Within the Shelter

As we move through a time of gathering with family and friends over the holidays, it’s worth considering the value of our closest relationships. One may not choose or even like one’s brothers, sisters or parents, but there’s no question that life-long connections are made when we grow up and grow older.

Shelter of Each Other Book CoverYears ago, I really enjoyed reading The Shelter of Each Other: Rebuilding Our Families by Mary Pipher. She recounts several case histories of families that repaired significant rifts and problems by increasing family time and decreasing distractions and interruptions. A key source of interference was technology– the 24×7 cell phones, computers, television, iPods, and “work from the office” that can change “at home” to “not at home even if present.”

Having grown up in a “camping” family that then built a basic beach house, I feel that I’ve benefited from much of the advice Pipher offers to others. Getting away from technology and spending time in spaces where family members really connect with each other can be tremendously valuable. I’ve seen the same argument made by “small space” architects and what they claim are the most cherished spaces for family togetherness. Last week as my family spent hours reading, talking and playing in a 16 ft in diameter yurt (at an Oregon State Park on the coast), I think we were hitting the marks.

Pipher wrote a great book. I’ve recommend it to parents (who are often thinking or struggling with how to deal with these issues), and several have thanked me years later for encouraging them to read it.

Shattered Sphere

Podcast SiteNow that the school holidays are here, I have time to explore some online areas I’ve heard about. One space I played in last night was the Podcast and Video Podcast areas at the Apple Music store. One thing I didn’t know is that most of them are free downloads. The second thing I didn’t know is that podcasts are becoming source of both main stream and alternative media.

Not that we deserve it, but we do have one of the new video iPods, and we’re rather impressed by the image quality of the videos. I might even buy some shows to watch on my next flight.

Of course, as we get more used to our favorite radio and TV shows on our iPods or computers (or TVs with media center PCs), will that have any effect on education? Maybe not. Or, will some faculty begin to share lecture and presentation content via Podcasts. Some are already, of course, but is this going to jump the gap and go mainstream someday?

How would the typical class change if more of the faculty-specific content was delivered on-demand at-home and more of the classwork was devoted to process (discussing and creating). I don’t know if this would be effective for the majority of students, but the concept of “reversing” the role of homework and classwork is interesting. It may also lead to changes in the way that we see faculty as content creators, and the implications of copyright and re-use thereof.

I’ll be gone the rest of this week– off to a yurt on the Oregon coast. I’m certain we’ll have rain, wind and cold as we huddle as a family in our 16 foot circle. Sure, I know it sounds like a psych experiment gone bad…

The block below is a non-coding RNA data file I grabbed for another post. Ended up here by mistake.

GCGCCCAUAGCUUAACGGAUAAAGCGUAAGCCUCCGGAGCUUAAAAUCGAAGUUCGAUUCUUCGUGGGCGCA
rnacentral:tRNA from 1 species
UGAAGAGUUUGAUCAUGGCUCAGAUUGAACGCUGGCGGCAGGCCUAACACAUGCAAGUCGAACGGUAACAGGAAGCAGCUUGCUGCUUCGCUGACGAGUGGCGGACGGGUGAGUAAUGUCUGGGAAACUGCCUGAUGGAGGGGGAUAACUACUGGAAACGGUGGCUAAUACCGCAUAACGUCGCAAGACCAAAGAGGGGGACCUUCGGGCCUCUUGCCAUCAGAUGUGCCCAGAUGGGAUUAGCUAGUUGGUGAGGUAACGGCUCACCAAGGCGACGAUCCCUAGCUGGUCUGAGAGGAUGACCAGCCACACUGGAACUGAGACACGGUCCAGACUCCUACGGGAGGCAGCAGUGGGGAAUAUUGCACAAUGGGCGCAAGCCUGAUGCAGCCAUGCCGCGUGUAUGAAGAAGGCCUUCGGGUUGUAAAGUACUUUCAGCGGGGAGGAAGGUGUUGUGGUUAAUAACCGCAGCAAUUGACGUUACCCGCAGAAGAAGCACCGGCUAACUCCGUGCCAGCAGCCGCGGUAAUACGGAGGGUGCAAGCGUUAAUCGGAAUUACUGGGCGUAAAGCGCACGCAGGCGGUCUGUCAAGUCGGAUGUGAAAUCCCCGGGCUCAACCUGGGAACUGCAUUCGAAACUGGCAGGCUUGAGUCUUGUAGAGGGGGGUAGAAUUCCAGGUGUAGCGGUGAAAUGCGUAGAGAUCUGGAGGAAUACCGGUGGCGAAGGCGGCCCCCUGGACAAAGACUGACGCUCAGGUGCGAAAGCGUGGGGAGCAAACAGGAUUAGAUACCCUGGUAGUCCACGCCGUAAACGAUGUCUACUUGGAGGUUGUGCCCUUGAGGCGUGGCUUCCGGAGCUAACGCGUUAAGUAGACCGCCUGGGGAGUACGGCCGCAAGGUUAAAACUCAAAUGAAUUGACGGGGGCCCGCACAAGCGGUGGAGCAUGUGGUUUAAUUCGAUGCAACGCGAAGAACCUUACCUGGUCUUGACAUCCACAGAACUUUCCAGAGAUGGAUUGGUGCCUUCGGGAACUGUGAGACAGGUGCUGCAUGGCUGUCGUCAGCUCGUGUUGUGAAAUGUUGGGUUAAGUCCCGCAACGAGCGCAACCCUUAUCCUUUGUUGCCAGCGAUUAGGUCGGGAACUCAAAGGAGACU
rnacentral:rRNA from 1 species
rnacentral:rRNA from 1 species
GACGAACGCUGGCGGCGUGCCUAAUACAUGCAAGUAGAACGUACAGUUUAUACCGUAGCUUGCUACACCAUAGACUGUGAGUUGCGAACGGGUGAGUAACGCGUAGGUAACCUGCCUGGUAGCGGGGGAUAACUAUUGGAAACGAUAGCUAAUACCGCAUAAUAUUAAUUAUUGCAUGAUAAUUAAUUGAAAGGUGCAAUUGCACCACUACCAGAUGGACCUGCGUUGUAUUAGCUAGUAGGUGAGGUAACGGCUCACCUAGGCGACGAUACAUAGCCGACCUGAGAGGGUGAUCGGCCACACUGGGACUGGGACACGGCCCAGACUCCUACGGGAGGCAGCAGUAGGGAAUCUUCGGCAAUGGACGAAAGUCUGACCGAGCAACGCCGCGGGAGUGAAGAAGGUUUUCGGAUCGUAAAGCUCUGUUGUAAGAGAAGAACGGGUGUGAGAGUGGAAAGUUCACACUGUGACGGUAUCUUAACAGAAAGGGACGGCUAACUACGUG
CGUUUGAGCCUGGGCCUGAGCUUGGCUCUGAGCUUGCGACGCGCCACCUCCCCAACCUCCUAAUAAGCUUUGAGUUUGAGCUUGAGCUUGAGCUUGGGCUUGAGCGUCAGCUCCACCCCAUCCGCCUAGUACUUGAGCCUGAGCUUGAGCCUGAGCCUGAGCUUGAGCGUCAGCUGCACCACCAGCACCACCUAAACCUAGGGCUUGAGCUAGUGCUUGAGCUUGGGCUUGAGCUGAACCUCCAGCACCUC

The Laptops Cometh

Dell X1 LaptopYesterday, we had finals in the Upper School. Laptops and computers are actively used for finals, including laptops brought from home. Our total count at one point yesterday was 235 computers in use, of which 132 were school owned. That means that we had 103 laptops brought in from home. Of these, approximately 55% were PC, and 45% were Macs.

We’ve been tracking this for about three years. Each year, there’s been about a 15% increase in total number of laptops from home. There’s been about a 7-8% increase in the percentage of Macintosh laptops each year.

It’s worth noting that we had no significant network or computer problems yesterday, other than a handful of individual system trouble-shooting issues.

Ultimate Space

We had an interesting “tech team” meeting yesterday when we tried to synthesize all the incoming data about student use of online profile pages, parent involvement, impressive uses of school collaborative websites, and the general trend data.

First off, the wild, woolly and hard-to-monitor options for online profile pages are not going to go away. So what are we offering as better alternatives?

SharePoint ExampleWe already do a lot of class-based work on public and password-protected SharePoint sites, but they aren’t individualistic like Facebook pages. How could we build an online community for students, faculty and staff that would be the “ultimate space” for interaction, sharing and academic work?

This wouldn’t be just a social network system, but it would have many elements of the Facebook site. The members should be able to run and individual bog, store and share files, create image libraries, have direct access to other community members (including IM and online presence indicators). Like Facebook, they should be able to create their own groups, and have automatic access by their classes to other students’ profile pages in that class.

Unlike Facebook, faculty and staff should have the same access to the student profile pages and groups. Everything and everyone should be on the same authentication system (perhaps Active Directory), and access from outside groups and individuals should be possible but not uncontrolled. Students could grant access to outside friends, but these access lists could be clearly recorded and accessible.

As for “policing,” the same standards as for student email accounts would apply. The community would be managed by the school, and claims of mis-use or harrassment will be immediately investigated. A similar, but separate environment could be created for parents to share more information with each other on an optional basis. A similar but separate system could be created for alumni.